British novelist Martin Amis: The voice of a horrible era

The undeserved prominence of British writer Martin Amis (1949-2023) epitomised a broad cultural crisis. Plaudits on his death have only revealed the slender basis of claims for his literary significance.

Obituaries largely skate over his longer career. They laud the enfant terrible and his scabrous satires of the 1980s/90s, then fall quiet about poorer later work. Even at the time reviewers were less charitable regarding the limitations. The prose now celebrated was once described as “Amis’s trademark gaudy, repetitive insistence.”

Author Martin Amis at the 2014 Texas Book Festival in Austin Texas, United States. [Photo by Larry D. Moore / CC BY-SA 4.0]

Obituarists cast a forgiving eye because to do otherwise would involve a broader critique of their own social, intellectual and artistic milieu, forcing most commentators to bluster, at very best, over his disgusting 2006 anti-Muslim diatribe, used to support the “War on Terror.”

Following a terror alert, he told Ginny Dougary of the Times, “There’s a definite urge—don’t you have it?—to say, ‘The Muslim community will have to suffer until it gets its house in order.’ What sort of suffering? Not letting them travel. Deportation—further down the road. Curtailing of freedoms. Strip-searching people who look like they’re from the Middle East or from Pakistan … Discriminatory stuff, until it hurts the whole community.”

A year later, literary critic Terry Eagleton condemned his comments as “Not the ramblings of a British National party thug, but the reflections of Martin Amis, leading luminary of the English metropolitan literary world.” Amis responded with the assertion that “already by mid-afternoon on that day I ceased to believe in what I said.”

Untrue. He had also published a lengthy article commenting on being delayed at airport security while his daughter’s hand luggage was searched. He wrote of wanting to tell them to “stick to people who look like they’re from the Middle East.”

Amis’s racist diatribes in support of imperialism were no aberration. Of French novelist and future fascist Louis-Ferdinand Céline, Leon Trotsky once said, “Either the artist will make his peace with the darkness or he will perceive the dawn.” Amis was never in conflict with the darkness.

Eagleton’s observation that Amis was a “leading luminary of the English metropolitan literary world” was omitted by several obituarists. Amis published The Rachel Papers (1973) at 24. He was to become the literary embodiment of the 1980s and early ’90s, with the novels of this period—Money (1984) and London Fields (1989), particularly—cited as his major achievements.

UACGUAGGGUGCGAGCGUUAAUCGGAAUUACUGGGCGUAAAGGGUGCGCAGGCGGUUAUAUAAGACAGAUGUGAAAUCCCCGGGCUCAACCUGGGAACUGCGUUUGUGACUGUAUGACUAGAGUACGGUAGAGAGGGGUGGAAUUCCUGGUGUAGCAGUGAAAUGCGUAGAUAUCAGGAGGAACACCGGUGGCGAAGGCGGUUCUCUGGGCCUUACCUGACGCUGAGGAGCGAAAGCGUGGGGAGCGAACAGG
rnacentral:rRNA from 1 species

His writing was distinctive, but the novels were cynical scab-picking within the ruling class. They were marked by a pervasive sense of the moral corruption of society, but one accepted as integral to the modern world and even the human condition.

Although novels like Time’s Arrow (1991), set in Auschwitz, pointed to bigger questions, Amis remained a “celebrity author.” The Information (1995), about rival authors, is best remembered for its vast advance. He changed literary agents, joining Andrew Wylie, nicknamed “the Jackal,” to demand and obtain £500,000.

Many of his novels feature paired characters. But tellingly, Amis said of The Information’s that “if they’re anyone, the two writers … are me.”

Later fiction was extremely variable, with one critic calling Lionel Asbo (2012) “basically incoherent.” Amis also wrote essays and reportage, but the transformation of his prejudices into characters was increasingly apparent. He knew that changing times were exposing his weaknesses in form and content. “A social change in the collective consciousness has happened,” he said, “and you feel you are not seeing it.”

Critics recognised his stylistic affectations, too. He commented, “Someone once said of my work … that I deal with banalities delivered with tremendous force.” A reviewer of The Second Plane (2008), a collection around the September 11 attacks, said Amis’s writing “remains capable of anything, except perhaps humility.”

Changing times also exposed the social assumptions behind his work. The Guardian called him the “influential author of era-defining novels.” Given that he defined the era of rampant Thatcherism and a deep cynicism in prominent layers of the upper-middle-class literati, the comment was more damning than perhaps intended.

What will Amis be remembered for? He was aware of major issues, with novels haunted by the possibility of nuclear conflict and the Holocaust, but his relentless and wearing stylistic pyrotechnics showed an unhealthy obsession with form and not content.

His prominence and self-confidence as a writer made him a technical inspiration for younger authors like Will Self. But this also is hardly a recommendation.

Admirers suggest he was trying to invigorate English writing after the model of his idol Saul Bellow, but it feels too often like an empty technical brilliance. Writing himself as a character in his novels reflected a general air of self-absorption.

Amis was the second child of novelist Kingsley Amis and his first wife, Hilly. Kingsley’s breakthrough novel, Lucky Jim (1954), brought fame, financial success and family tension. Hilly left in 1963, when Kingsley moved in with novelist Elizabeth Jane Howard.

Lucky Jim (1954), by Kingsley Amis